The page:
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[356] safe, but that the enemy had assumed a most precarious position, from which he would escape with great difficulty.

If the fort had remained in the condition in which General Bragg saw it previous to January 13th, Grant's army could not have stormed and carried it. It had twenty heavy guns bearing on the beach, supplemented with one mortar and four Napoleons. In front was a perfect palisade line pierced for musketry, and constructed in irregular lines, giving an enfilading fire for light artillery, and in advance were numerous sub-terra mines capable of blowing up the beach from river to sea for more than one hundred yards in front of the works. Although constructed primarily with a view to prevent the entrance of a fleet into the river, yet uninjured by bombardment, it could have resisted any assault. But before the assault fifty thousand shells had expended their fury on the works. Every gun save one 10-inch Columbiad was destroyed, the use of all but one Napoleon rendered impracticable, every wire leading to the mines ploughed up, and the palisade such a wreck as actually to offer a protection to some of the assailants. The terrific fire in front, rear and enfilade from the fleet upon the land face rendering the salients practicable for assault forced me, from the numbers killed and wounded, to cover by bomb-proofs all the troops on the land face except those at the Columbiad and Napoleon and the sharpshooters protected by the traverses. Did General Bragg expect us, if we repelled all the assaults, to pursue the enemy without his co-operation? If not, why, in his inactivity, did he not only consider himself safe, but the enemy in a precarious position? I understood that General Bragg would take advantage of the darkness on the night of the 14th and attack the enemy. About 9 o'clock I went out of the works with Captain Patterson's company as skirmishers and engaged the enemy's pickets to ascertain their position, intending to attack them in force as soon as I heard the advance of General Bragg, but I waited in vain for him to avail himself of the last opportunity to capture the enemy and save the fort, while the fleet would have been forced to remain inactive.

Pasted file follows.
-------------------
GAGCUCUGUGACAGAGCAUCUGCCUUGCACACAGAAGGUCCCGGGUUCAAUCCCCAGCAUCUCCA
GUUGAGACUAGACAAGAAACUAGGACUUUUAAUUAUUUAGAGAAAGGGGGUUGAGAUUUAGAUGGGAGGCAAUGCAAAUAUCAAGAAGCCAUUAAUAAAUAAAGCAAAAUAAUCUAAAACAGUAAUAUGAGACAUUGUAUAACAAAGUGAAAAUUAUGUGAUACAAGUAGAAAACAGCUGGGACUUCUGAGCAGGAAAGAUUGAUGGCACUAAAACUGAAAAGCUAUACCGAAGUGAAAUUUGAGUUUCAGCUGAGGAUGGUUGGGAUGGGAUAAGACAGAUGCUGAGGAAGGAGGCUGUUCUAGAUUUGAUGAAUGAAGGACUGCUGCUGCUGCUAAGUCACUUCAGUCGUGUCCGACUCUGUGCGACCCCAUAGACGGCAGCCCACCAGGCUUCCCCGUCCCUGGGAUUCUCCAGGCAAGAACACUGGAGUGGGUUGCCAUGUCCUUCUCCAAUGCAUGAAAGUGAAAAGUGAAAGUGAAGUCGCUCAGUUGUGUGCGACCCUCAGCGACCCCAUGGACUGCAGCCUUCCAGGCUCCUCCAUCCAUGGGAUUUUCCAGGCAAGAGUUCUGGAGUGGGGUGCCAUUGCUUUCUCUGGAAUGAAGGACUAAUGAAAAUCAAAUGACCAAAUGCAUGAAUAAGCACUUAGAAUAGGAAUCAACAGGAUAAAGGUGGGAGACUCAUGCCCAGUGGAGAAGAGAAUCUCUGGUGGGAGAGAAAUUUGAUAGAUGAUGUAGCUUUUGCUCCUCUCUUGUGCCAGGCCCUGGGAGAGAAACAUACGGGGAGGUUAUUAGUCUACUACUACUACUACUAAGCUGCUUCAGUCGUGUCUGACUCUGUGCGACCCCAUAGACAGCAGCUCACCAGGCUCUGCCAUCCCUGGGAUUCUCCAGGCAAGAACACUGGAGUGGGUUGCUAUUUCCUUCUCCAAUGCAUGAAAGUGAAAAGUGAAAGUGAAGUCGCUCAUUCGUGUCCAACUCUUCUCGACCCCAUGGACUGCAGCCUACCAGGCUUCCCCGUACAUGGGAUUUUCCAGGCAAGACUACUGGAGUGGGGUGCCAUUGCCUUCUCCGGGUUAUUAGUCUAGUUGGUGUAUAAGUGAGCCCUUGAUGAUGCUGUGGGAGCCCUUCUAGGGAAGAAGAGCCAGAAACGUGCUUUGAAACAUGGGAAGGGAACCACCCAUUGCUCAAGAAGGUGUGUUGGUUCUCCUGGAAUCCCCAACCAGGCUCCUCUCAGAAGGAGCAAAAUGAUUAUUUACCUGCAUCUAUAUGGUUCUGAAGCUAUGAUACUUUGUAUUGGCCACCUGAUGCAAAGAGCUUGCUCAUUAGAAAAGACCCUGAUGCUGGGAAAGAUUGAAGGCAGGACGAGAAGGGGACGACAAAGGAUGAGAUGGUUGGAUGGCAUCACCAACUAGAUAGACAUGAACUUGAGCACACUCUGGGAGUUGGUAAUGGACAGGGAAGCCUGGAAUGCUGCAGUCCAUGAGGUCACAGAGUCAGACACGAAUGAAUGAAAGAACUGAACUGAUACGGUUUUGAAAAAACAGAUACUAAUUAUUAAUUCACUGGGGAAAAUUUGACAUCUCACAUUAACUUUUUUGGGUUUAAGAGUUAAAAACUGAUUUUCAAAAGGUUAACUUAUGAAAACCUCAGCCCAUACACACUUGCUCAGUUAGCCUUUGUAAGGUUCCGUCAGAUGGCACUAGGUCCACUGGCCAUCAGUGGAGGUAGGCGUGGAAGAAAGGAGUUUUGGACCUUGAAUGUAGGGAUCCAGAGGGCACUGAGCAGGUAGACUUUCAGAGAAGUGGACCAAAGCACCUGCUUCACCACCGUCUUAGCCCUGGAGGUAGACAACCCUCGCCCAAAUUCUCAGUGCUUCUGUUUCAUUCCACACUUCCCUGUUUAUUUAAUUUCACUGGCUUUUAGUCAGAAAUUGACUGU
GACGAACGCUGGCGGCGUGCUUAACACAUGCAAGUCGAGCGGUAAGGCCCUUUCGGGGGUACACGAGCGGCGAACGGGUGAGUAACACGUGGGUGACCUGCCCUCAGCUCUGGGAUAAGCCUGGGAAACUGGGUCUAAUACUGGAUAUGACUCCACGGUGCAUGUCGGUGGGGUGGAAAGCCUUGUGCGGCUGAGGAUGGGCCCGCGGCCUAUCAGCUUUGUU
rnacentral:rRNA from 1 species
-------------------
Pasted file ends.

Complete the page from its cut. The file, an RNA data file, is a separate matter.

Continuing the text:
General Bragg adds:

I accordingly ordered Hoke to entrench immediately in his front, and push his lines close on to him, so as to keep him engaged and closely observed.

I think it must be a mistake. General Hoke was not an officer to disobey the command to keep the enemy engaged. General Bragg continues:

While this was going on I started one thousand of our best men

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